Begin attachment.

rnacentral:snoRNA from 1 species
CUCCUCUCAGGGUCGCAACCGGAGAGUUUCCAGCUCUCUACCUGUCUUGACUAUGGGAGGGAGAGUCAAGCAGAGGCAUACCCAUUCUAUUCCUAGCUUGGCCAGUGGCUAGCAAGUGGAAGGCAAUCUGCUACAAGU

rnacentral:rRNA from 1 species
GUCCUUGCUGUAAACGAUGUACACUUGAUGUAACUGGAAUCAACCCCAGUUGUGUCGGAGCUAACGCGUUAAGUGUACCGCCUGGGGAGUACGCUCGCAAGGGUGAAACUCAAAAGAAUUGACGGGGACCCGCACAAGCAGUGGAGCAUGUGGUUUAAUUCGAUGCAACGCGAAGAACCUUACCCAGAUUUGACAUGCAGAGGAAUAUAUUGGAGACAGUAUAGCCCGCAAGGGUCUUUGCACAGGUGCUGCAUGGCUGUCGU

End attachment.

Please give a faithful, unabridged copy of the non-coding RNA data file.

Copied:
rnacentral:snoRNA from 1 species
CUCCUCUCAGGGUCGCAACCGGAGAGUUUCCAGCUCUCUACCUGUCUUGACUAUGGGAGGGAGAGUCAAGCAGAGGCAUACCCAUUCUAUUCCUAGCUUGGCCAGUGGCUAGCAAGUGGAAGGCAAUCUGCUACAAGU

rnacentral:rRNA from 1 species
GUCCUUGCUGUAAACGAUGUACACUUGAUGUAACUGGAAUCAACCCCAGUUGUGUCGGAGCUAACGCGUUAAGUGUACCGCCUGGGGAGUACGCUCGCAAGGGUGAAACUCAAAAGAAUUGACGGGGACCCGCACAAGCAGUGGAGCAUGUGGUUUAAUUCGAUGCAACGCGAAGAACCUUACCCAGAUUUGACAUGCAGAGGAAUAUAUUGGAGACAGUAUAGCCCGCAAGGGUCUUUGCACAGGUGCUGCAUGGCUGUCGU